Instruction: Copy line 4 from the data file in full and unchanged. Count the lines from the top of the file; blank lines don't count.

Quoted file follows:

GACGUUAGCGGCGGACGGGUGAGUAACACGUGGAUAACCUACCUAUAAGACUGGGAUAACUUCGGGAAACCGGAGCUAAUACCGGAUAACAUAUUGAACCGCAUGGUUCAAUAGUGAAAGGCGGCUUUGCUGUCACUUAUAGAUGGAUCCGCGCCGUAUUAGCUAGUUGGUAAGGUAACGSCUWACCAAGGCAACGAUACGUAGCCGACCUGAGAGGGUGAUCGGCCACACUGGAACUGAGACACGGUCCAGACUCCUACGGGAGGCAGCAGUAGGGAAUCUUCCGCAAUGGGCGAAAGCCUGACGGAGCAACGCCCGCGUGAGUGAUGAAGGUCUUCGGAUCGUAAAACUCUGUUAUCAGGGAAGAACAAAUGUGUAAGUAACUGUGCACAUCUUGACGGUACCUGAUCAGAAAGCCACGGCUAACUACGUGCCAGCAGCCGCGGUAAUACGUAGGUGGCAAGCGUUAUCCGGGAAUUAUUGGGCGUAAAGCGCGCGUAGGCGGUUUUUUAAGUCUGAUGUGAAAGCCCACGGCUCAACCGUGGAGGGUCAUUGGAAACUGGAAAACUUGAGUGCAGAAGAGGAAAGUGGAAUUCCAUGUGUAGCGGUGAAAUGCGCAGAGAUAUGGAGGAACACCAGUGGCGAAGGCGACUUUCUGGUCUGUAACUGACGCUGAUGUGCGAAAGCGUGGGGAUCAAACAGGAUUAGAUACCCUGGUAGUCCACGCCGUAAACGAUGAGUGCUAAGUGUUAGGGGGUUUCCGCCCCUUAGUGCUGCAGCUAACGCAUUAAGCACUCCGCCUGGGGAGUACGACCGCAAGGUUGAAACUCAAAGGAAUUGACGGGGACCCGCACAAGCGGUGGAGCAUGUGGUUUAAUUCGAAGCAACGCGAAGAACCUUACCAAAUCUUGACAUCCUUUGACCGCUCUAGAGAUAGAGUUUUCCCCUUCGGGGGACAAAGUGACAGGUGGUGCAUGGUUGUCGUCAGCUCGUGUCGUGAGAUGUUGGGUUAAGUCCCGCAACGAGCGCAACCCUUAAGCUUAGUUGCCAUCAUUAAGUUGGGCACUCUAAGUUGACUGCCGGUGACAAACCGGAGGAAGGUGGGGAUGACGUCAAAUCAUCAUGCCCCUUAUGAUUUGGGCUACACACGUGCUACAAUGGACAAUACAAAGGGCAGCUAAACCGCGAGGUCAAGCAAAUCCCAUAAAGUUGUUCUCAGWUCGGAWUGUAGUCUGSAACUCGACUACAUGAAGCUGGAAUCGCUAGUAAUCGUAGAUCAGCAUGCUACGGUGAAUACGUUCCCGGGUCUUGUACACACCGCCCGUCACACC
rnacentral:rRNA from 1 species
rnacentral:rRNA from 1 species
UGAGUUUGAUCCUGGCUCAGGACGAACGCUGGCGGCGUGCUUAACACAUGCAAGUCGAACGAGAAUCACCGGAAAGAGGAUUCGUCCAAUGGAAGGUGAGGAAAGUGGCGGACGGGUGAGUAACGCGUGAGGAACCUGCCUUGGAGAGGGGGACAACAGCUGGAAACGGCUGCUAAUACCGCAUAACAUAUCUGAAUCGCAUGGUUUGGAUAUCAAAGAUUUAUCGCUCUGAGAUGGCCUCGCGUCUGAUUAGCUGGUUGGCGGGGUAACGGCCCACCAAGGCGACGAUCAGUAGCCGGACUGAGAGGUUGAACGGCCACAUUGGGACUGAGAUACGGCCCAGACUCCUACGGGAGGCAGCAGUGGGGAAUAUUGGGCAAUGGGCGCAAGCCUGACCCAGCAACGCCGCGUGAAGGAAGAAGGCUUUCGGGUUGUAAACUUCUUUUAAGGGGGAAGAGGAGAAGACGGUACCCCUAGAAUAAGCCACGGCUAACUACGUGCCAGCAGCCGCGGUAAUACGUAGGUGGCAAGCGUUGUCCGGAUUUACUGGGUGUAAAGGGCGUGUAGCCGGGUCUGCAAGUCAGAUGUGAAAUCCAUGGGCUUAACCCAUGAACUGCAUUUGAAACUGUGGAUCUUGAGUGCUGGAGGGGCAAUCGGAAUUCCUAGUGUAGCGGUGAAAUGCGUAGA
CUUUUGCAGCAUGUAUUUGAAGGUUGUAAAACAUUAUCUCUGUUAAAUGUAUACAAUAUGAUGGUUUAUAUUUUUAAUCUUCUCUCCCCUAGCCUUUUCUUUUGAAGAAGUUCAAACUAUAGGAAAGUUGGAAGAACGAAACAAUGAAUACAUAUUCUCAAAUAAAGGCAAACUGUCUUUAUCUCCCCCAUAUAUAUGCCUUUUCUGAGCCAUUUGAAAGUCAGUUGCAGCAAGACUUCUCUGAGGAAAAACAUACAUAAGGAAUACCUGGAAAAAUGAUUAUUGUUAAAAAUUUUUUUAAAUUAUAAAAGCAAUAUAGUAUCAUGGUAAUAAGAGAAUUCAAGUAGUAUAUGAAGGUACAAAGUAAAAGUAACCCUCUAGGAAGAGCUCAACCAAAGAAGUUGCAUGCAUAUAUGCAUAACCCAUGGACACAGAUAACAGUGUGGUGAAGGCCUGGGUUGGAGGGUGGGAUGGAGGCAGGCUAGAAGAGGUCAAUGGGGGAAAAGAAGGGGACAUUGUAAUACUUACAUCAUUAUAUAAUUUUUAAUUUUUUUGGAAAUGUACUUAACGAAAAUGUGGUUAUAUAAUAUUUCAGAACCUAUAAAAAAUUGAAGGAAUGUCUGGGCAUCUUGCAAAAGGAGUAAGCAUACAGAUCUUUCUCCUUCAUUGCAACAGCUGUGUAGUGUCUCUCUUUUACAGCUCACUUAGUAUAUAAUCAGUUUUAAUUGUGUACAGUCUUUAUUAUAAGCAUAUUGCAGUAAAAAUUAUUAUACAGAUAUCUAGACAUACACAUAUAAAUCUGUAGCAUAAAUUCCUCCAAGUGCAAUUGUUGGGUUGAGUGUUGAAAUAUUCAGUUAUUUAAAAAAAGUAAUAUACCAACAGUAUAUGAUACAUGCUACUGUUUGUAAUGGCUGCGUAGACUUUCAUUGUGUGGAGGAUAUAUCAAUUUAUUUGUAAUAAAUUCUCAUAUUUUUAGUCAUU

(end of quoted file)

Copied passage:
UGAGUUUGAUCCUGGCUCAGGACGAACGCUGGCGGCGUGCUUAACACAUGCAAGUCGAACGAGAAUCACCGGAAAGAGGAUUCGUCCAAUGGAAGGUGAGGAAAGUGGCGGACGGGUGAGUAACGCGUGAGGAACCUGCCUUGGAGAGGGGGACAACAGCUGGAAACGGCUGCUAAUACCGCAUAACAUAUCUGAAUCGCAUGGUUUGGAUAUCAAAGAUUUAUCGCUCUGAGAUGGCCUCGCGUCUGAUUAGCUGGUUGGCGGGGUAACGGCCCACCAAGGCGACGAUCAGUAGCCGGACUGAGAGGUUGAACGGCCACAUUGGGACUGAGAUACGGCCCAGACUCCUACGGGAGGCAGCAGUGGGGAAUAUUGGGCAAUGGGCGCAAGCCUGACCCAGCAACGCCGCGUGAAGGAAGAAGGCUUUCGGGUUGUAAACUUCUUUUAAGGGGGAAGAGGAGAAGACGGUACCCCUAGAAUAAGCCACGGCUAACUACGUGCCAGCAGCCGCGGUAAUACGUAGGUGGCAAGCGUUGUCCGGAUUUACUGGGUGUAAAGGGCGUGUAGCCGGGUCUGCAAGUCAGAUGUGAAAUCCAUGGGCUUAACCCAUGAACUGCAUUUGAAACUGUGGAUCUUGAGUGCUGGAGGGGCAAUCGGAAUUCCUAGUGUAGCGGUGAAAUGCGUAGA